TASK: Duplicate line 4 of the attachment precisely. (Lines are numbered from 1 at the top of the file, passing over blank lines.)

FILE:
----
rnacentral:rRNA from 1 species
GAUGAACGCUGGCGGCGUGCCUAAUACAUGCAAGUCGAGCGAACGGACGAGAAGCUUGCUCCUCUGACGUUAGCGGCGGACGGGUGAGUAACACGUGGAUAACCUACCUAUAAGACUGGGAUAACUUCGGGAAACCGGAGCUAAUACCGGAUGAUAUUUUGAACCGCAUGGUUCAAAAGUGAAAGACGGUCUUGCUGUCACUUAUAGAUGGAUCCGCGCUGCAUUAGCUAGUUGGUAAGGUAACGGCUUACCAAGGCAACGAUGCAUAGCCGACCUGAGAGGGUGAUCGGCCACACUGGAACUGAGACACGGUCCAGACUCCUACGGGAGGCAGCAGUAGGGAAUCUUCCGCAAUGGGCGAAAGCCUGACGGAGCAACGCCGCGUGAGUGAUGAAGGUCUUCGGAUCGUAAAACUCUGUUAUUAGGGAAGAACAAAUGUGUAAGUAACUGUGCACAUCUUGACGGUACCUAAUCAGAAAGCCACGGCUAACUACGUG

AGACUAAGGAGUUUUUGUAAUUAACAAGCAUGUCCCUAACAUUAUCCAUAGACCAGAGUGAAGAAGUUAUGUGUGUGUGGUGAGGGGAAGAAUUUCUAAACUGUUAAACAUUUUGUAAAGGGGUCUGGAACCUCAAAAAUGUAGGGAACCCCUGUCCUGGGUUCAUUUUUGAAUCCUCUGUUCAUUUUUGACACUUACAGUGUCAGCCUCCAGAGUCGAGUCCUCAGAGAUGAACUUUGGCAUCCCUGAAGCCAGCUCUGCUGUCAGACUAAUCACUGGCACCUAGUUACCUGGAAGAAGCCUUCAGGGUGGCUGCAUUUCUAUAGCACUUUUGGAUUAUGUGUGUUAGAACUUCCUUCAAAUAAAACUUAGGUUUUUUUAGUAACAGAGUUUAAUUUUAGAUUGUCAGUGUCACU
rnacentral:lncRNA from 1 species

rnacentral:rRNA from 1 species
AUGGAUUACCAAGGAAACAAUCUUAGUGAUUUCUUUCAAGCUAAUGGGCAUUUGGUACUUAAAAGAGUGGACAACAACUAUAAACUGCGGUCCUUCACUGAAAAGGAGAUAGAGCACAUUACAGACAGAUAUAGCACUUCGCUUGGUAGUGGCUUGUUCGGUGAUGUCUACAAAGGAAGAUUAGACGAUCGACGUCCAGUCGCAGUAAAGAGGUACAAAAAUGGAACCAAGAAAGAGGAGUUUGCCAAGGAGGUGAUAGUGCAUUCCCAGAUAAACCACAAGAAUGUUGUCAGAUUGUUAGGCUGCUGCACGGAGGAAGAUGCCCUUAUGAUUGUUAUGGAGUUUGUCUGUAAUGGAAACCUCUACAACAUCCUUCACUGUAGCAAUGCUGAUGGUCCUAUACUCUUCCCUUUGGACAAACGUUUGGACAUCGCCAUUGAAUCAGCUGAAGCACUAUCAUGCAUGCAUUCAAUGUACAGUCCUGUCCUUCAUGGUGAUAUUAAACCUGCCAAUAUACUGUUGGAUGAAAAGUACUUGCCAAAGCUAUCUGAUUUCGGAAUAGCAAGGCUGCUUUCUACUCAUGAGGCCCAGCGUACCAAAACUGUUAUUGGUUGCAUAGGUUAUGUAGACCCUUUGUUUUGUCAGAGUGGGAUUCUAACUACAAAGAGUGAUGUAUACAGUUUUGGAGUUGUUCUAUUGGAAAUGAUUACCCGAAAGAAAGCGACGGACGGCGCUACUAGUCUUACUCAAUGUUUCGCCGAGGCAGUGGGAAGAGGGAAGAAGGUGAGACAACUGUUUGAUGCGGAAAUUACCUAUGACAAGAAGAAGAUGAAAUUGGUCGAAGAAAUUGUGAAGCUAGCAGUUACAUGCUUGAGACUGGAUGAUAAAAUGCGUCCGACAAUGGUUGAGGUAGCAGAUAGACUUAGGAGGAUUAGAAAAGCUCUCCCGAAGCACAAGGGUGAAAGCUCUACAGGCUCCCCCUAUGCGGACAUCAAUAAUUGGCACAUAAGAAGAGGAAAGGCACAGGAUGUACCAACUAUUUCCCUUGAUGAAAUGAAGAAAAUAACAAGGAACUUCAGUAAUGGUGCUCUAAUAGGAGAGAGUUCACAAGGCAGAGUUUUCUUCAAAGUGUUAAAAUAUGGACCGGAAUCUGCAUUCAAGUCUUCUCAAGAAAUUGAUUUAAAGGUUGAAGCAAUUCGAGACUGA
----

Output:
rnacentral:lncRNA from 1 species